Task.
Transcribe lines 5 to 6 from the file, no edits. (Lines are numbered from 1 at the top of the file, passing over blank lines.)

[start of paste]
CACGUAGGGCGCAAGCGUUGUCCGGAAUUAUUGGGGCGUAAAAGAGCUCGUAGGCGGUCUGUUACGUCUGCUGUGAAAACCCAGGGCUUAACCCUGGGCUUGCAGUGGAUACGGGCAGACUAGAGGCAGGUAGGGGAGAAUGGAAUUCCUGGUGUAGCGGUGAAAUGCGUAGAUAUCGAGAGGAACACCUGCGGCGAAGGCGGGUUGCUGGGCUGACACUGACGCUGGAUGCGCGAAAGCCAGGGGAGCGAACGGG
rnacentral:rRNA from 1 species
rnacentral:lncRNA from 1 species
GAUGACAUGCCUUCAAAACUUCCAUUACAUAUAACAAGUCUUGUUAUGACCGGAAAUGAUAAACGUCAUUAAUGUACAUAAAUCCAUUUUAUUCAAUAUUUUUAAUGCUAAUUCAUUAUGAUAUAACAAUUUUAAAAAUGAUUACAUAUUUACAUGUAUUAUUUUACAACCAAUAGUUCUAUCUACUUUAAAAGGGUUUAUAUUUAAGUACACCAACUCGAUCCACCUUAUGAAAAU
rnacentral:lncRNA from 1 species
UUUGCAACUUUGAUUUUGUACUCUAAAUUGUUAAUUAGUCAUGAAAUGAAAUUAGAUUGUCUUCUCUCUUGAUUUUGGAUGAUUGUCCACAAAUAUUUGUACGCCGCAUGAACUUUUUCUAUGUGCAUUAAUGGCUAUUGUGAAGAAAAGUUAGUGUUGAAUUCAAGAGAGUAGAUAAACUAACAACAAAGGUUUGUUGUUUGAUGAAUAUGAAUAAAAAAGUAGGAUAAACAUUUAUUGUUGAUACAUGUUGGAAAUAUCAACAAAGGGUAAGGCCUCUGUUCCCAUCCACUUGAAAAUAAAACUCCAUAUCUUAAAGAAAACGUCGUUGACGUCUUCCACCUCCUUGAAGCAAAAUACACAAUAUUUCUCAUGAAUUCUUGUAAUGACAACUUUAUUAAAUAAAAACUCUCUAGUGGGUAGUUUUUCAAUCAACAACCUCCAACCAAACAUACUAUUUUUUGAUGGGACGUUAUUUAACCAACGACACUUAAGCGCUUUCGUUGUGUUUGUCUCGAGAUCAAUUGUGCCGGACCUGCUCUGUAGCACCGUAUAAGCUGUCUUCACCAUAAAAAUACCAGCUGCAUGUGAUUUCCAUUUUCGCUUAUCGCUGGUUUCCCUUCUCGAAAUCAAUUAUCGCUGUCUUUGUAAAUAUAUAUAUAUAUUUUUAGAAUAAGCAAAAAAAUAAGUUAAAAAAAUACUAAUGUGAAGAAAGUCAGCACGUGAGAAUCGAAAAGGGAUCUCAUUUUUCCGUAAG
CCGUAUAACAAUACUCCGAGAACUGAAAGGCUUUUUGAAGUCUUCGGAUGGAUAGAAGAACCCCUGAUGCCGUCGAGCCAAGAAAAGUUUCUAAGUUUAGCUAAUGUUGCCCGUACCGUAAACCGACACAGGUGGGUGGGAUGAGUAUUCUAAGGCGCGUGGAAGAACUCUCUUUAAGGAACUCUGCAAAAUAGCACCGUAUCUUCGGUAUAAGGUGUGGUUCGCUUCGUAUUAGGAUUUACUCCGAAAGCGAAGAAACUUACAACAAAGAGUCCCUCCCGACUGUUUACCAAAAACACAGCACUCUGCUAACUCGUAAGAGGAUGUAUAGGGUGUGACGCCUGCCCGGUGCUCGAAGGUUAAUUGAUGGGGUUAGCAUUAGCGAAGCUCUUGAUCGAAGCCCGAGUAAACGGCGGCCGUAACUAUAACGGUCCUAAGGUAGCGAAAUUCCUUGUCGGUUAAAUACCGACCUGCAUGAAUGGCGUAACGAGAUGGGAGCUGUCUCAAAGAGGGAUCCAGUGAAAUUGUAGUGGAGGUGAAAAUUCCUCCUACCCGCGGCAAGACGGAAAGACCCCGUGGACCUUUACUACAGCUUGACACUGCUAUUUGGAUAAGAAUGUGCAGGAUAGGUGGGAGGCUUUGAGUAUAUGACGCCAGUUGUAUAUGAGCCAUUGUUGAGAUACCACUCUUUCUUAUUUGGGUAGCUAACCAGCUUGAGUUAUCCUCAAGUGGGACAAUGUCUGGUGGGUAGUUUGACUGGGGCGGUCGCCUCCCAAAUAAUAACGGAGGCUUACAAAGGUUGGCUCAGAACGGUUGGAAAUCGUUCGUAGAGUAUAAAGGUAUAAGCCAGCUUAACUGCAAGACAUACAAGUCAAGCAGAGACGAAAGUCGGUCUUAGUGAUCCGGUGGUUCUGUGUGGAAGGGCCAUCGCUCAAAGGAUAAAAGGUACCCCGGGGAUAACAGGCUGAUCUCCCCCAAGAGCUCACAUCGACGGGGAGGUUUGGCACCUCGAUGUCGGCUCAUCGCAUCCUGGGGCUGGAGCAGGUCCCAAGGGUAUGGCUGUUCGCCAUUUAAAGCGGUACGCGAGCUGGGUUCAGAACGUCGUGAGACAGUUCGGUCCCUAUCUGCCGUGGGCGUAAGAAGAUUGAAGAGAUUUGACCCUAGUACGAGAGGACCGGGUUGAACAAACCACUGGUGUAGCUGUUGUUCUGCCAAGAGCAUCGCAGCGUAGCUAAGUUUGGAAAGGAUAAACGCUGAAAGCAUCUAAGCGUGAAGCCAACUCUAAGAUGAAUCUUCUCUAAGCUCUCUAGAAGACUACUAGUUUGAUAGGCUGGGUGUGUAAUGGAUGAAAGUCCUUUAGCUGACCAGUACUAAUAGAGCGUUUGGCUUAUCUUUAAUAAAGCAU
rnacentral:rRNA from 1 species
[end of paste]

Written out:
rnacentral:lncRNA from 1 species
UUUGCAACUUUGAUUUUGUACUCUAAAUUGUUAAUUAGUCAUGAAAUGAAAUUAGAUUGUCUUCUCUCUUGAUUUUGGAUGAUUGUCCACAAAUAUUUGUACGCCGCAUGAACUUUUUCUAUGUGCAUUAAUGGCUAUUGUGAAGAAAAGUUAGUGUUGAAUUCAAGAGAGUAGAUAAACUAACAACAAAGGUUUGUUGUUUGAUGAAUAUGAAUAAAAAAGUAGGAUAAACAUUUAUUGUUGAUACAUGUUGGAAAUAUCAACAAAGGGUAAGGCCUCUGUUCCCAUCCACUUGAAAAUAAAACUCCAUAUCUUAAAGAAAACGUCGUUGACGUCUUCCACCUCCUUGAAGCAAAAUACACAAUAUUUCUCAUGAAUUCUUGUAAUGACAACUUUAUUAAAUAAAAACUCUCUAGUGGGUAGUUUUUCAAUCAACAACCUCCAACCAAACAUACUAUUUUUUGAUGGGACGUUAUUUAACCAACGACACUUAAGCGCUUUCGUUGUGUUUGUCUCGAGAUCAAUUGUGCCGGACCUGCUCUGUAGCACCGUAUAAGCUGUCUUCACCAUAAAAAUACCAGCUGCAUGUGAUUUCCAUUUUCGCUUAUCGCUGGUUUCCCUUCUCGAAAUCAAUUAUCGCUGUCUUUGUAAAUAUAUAUAUAUAUUUUUAGAAUAAGCAAAAAAAUAAGUUAAAAAAAUACUAAUGUGAAGAAAGUCAGCACGUGAGAAUCGAAAAGGGAUCUCAUUUUUCCGUAAG